Thou Shalt Love Thy Client : Higher Orders
I consider this post an introduction to an idea that will function as an overarching principle for how Triple Helix Creative, LLC conducts business. It is a philosophy of sorts, but it is also a clear, terse command that we seek to obey in Triple Helix.
“Thou Shalt Love Thy Client!”Sort of Moses
Humanize Your Clients
The orthodox stance of our industry is that we are in the business of producing content for clients. Instead, Triple Helix partners with clients, so they become co-content producers with and alongside us. The key is partnership. Humans tend to employ sharper measures of judgment when they take the step beyond "association" to "partnership".
The issue is one of exclusivity. Some would argue that by seeking to "love" clients, a business is transgressing the boundaries of business and personal. But I see crossing these boundaries as essential, if I am to be honest with myself. Part of being honest with myself is admitting that I have the temptation to see clients as living, breathing dollar signs, instead of living, breathing people. How do we overcome this?
The Best Defense is a Good Offense
The Way forward is NOT a supposed objectivity. "Well I will just be fair, balanaced, and objective. I will have rules in place I don't violate." The problem (as always in life) are the gray areas. This may work in the realm of ideas, but business thrusts us into real life, and life in business is real hard.
Being proactive is the answer. "Not" doing bad things to people is one thing, but alone, it is insufficient to quell the impulse to excuse self-serving actions. I speak from experience, having gained wisdom through countless examples of NOT LOVING MY CLIENTS WELL. I speak as one who has failed in these areas. I have found that the key is to actually DO the good things to others you would have them do to you. The order of the day is acts of commission instead of ommission; doing good for clients, rather than merely stoping ourselves from doing har. For clients in particular this looks like the following ideas in business:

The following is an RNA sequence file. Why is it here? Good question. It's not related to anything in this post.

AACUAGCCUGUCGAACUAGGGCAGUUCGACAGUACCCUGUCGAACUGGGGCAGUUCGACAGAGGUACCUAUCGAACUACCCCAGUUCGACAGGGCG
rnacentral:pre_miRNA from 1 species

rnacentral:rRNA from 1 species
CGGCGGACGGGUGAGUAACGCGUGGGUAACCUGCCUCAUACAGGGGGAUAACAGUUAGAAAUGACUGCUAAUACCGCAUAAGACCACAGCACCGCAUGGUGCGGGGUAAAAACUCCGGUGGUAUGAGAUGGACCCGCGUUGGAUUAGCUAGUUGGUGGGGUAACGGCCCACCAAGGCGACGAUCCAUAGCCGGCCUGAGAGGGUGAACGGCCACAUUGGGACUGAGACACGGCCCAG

- Being your client's advocate, instead of simply not trying to be their obstacle.
- If it is within your power to add a feature that suits your clients agenda in a way that is better than the currently contracted work, AND THEY HAVE NOT EVEN THOUGHT OF IT, present the idea to them over a phone call, and see if they are willing to amend the contract.
- If a client doesn't really need a feature in their web campaign, TELL THEM SO. If you don't, who will?
- Expending energy to consult and correctly inform your client, rather than simply avoiding the temptation to misinform them.
- When your client (obviously) has no idea what is really behind the underlying codebase of a website you are building, but is expressing concern/suspicion TAKE THE TIME TO TRUTHFULLY EXPLAIN WHY build decisions were made.
- Do not just cryptically communicate WHAT your are doing for your client, be consistent in telling them WHY; offering a rationale demonstrates that you have one to begin with, and fosters mutual trust.
- Be sure to communicate clear, achievable goals with measurable results. This will help you to avoid the temptation to tickle your client's ears with empty speech.
Being transparent about your subjective aims, instead of crossing your fingers and hoping your agendas (much like the stars in this situation) will align.
- We are in business, and we do so to provide financial means for those we deem necessary. I have found clients to respect upfront intentions communicated outright much more than finding out later that my agenda was being served as well as theirs.
- Part of ensuring that your clients are cared for well is to adopt the humble practice embodied in the phrase "Underpromise, Overdeliver." Too often we say what we think our clients want to hear. This may create the illusion of being loved in the short term, but the long term will inevitably result in dissatisfaction from overpromsing and under-delivering.
As I said eariler, this is just a very simplistic primer, an introduction to a philosophy we are seeking to fully embody in all of the services we offer at Triple Helix. More to come at a later date.